Birds, bird droppings and nesting materials can carry over 60 diseases and ectoparasites transmittable to humans and animals. These pose the most risk to individuals with compromised or weakened immune systems such as the young, elderly and those living with auto immune diseases.
Transmissions are primarily through mosquitoes, bird mites and ticks.
There are more bacterial organisms associated with birds that affect human health than all other disease-causing organisms.
Species most often affected are pigeons and gulls. Humans contract the disease by inhaling bacteria-laden dust.
Bacteria become airborne with feces dust in accumulated air intake vents, primarily at restaurants and food processing plants.
Contact usually occurs through air handling systems, contaminated clothing, and spores becoming airborne. Species most associated are pigeons, blackbirds and starlings.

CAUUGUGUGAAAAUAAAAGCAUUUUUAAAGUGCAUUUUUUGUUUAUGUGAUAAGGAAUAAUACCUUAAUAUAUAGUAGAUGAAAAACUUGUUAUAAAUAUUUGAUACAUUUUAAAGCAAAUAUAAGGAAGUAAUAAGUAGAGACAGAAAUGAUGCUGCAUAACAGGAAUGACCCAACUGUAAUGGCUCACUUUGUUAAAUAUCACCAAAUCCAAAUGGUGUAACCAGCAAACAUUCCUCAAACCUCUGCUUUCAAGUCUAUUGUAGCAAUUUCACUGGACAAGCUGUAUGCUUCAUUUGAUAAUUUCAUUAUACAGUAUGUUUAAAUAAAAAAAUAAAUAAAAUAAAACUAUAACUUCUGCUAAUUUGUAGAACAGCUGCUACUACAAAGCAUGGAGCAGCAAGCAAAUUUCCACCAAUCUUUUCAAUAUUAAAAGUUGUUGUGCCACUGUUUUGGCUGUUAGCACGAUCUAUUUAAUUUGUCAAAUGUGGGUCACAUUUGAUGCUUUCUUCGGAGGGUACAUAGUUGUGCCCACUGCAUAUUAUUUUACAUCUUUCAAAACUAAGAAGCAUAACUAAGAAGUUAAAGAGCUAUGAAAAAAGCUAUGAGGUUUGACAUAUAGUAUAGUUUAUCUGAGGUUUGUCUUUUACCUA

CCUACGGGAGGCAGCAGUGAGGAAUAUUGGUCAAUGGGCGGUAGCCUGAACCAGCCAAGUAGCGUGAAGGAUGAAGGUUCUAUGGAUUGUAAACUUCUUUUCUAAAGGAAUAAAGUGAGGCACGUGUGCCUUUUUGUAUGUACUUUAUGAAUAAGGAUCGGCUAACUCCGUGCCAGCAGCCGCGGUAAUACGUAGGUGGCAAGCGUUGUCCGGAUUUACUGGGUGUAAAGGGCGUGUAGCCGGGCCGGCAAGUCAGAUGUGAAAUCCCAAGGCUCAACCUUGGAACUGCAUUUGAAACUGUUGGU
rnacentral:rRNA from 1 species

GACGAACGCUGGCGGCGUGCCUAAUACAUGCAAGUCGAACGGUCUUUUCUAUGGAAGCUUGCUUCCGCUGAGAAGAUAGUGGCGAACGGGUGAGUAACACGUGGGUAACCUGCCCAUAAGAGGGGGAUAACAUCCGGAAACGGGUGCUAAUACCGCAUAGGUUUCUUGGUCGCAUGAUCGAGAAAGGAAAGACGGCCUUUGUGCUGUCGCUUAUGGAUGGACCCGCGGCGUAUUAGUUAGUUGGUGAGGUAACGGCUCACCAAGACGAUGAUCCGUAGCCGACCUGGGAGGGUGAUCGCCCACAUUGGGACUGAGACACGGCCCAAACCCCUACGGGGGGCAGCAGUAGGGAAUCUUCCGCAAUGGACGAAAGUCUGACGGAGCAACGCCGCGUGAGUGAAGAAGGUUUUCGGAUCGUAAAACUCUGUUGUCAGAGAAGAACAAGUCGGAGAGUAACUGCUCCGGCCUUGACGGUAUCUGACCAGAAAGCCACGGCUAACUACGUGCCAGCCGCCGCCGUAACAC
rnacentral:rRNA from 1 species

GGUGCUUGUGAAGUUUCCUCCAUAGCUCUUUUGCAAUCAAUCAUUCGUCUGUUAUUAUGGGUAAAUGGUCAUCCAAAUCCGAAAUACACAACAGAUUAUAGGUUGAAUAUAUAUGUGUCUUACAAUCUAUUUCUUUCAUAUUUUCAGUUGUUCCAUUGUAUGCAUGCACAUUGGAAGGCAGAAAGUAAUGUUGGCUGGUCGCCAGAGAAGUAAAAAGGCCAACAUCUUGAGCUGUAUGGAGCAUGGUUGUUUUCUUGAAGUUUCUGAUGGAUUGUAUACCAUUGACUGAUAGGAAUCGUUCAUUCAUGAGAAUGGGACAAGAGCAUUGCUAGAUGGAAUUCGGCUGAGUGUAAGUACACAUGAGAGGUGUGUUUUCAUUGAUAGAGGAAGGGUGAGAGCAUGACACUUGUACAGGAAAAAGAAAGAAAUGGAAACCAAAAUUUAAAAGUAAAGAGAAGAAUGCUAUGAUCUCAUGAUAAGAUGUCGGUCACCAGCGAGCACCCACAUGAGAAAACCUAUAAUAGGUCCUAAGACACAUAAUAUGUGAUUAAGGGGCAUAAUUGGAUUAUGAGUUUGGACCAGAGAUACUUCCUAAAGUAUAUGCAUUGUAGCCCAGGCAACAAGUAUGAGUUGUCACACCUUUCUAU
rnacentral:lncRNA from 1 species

Disseminated histoplasmosis is the result of the organism spreading throughout the body via the bloodstream. Over 30 million people a year are affected, with 10% exhibiting systems. The young, elderly, hospitalized or persons with immune system deficiencies are most affected.
Similar to histoplasmosis, but ultimately results in meningitis. It is estimated that 50% of the pigeon population in the Western United States is infected.
Ectoparasites are found on the body or in nesting materials.
A common ectoparasite found on birds that carry lyme disease.
Birds and bird nests carry bird mites which can infest buildings with available hosts.
Bed bugs often attach themselves to birds and are transferred to new areas by the birds.